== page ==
We’ve heard from many healthcare provider organizations that believe their services content depends on first educating the user about a condition or treatment, then placing the “Why choose us” content at the bottom of the page. The belief is that users first need to learn about the condition or treatment and then make an informed decision by learning about what makes the organization unique.

However, most healthcare consumers have already done preliminary research if they believe they have a particular condition or need a certain treatment, especially if they’ve received a diagnosis from another provider. While it’s still important to have basic information, the most valuable information is why they should choose you. Therefore, the top of the page is the logical choice for your value proposition.

What should I include?

Your value proposition shouldn’t be too long — you likely only need a few sentences or a paragraph. But it does need to do some heavy lifting for your organization. You should include differentiators, or ways your services are better or unique as compared to the competition. Check out what your competitors are saying (or not saying) in their own value propositions. How can you make your organization stand out? What do you offer consumers that they don’t, or how do you do it better?

If you have solid metrics you can point to, that’s great. Otherwise, speak to the experience the user can expect — how they can expect your team to treat them when they come through your doors or if they have questions. If you’re describing a procedure or treatment, writing about how your technology or procedures are different/better/more advanced than others in your area can help you elevate your organization in the user’s mind.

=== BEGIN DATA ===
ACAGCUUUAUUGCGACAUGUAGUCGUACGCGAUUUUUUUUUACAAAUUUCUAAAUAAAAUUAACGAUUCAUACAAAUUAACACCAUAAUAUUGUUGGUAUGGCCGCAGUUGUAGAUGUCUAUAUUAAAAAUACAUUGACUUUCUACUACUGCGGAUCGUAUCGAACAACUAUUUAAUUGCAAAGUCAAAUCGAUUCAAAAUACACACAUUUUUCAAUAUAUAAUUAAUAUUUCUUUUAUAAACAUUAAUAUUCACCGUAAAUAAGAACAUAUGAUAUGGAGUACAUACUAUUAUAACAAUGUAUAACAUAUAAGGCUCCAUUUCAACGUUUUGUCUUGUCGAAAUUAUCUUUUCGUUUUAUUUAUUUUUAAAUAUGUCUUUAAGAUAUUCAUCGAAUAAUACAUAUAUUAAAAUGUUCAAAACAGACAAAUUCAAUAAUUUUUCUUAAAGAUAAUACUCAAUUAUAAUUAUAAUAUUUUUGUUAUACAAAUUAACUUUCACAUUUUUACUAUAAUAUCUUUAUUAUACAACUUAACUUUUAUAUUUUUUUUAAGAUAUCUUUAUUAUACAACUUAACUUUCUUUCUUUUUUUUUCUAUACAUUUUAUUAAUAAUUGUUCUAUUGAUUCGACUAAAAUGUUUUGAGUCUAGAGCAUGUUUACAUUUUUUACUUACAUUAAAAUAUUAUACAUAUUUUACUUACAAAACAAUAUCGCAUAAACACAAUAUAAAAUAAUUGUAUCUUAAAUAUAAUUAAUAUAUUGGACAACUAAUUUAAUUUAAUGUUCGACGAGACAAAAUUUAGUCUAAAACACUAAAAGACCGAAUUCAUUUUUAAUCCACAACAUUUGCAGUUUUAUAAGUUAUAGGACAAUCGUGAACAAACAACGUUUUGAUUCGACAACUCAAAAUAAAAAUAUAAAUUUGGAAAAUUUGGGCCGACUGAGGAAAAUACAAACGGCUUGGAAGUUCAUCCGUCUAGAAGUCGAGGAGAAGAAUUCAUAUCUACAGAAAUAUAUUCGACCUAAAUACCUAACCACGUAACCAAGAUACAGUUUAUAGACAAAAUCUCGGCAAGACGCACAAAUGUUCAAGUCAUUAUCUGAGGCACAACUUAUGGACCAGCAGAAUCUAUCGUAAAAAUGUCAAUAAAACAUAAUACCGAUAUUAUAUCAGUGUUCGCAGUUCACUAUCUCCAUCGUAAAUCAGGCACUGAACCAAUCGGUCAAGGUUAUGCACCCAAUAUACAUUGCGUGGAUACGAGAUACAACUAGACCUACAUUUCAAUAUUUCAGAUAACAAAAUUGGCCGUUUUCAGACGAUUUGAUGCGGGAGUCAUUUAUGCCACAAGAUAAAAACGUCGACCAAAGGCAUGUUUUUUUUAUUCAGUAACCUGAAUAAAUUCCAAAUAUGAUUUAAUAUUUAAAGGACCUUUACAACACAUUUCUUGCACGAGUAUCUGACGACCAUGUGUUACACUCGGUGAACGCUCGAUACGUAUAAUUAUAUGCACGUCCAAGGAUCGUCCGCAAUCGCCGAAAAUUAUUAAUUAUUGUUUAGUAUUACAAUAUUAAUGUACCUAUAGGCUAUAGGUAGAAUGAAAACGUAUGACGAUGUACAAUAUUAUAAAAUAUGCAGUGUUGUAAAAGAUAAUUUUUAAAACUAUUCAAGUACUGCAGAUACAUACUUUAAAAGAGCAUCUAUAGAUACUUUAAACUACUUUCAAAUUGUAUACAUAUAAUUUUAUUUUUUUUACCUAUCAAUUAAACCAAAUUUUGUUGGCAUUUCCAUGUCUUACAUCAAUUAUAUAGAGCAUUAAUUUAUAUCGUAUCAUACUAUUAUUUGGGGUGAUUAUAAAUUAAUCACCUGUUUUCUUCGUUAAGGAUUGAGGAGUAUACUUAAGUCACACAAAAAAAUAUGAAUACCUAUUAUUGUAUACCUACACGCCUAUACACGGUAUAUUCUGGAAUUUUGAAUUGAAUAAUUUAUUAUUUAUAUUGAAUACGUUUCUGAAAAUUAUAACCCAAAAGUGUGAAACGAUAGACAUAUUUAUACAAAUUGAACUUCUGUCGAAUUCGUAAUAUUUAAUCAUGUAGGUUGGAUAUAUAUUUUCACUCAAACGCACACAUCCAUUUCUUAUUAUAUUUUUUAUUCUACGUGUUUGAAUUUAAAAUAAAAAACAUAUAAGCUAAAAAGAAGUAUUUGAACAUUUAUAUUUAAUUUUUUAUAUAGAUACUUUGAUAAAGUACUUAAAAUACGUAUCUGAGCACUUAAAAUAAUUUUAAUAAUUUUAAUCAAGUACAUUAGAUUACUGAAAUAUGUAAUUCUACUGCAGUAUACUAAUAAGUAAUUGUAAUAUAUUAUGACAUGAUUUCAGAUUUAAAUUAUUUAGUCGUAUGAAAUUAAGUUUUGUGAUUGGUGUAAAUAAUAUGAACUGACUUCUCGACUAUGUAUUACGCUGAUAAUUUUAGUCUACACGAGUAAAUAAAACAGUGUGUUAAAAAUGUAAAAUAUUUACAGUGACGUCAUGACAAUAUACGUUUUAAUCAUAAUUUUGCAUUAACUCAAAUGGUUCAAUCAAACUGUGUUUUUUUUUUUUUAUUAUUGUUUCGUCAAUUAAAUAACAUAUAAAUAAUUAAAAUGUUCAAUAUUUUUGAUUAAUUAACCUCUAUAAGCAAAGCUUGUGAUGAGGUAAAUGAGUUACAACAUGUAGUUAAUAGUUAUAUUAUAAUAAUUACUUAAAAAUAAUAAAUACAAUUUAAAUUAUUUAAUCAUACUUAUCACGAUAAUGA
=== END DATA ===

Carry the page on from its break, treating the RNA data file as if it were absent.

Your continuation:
We often recommend that clients include a call to action (CTA) right after the value proposition and before getting into more of the page’s deep-dive content. This goes back to the idea of the user scanning your content. If the user is ready to take the logical next step — make an appointment, buy a plan, etc. — giving them a conversion-focused CTA right after that content helps increase the chance of a successful conversion.

Related reading: CTA Strategy for Healthcare Content: 4 Ways to Increase Conversions

What should I NOT include?

Just as important in crafting an effective value proposition is knowing what to leave out. When we review healthcare content for clients, we look for clichés, such as “state-of-the-art” or “cutting edge.” These often sound more impressive to providers and marketers than they do to consumers. And there are simpler ways to write about how advanced your organization’s services are.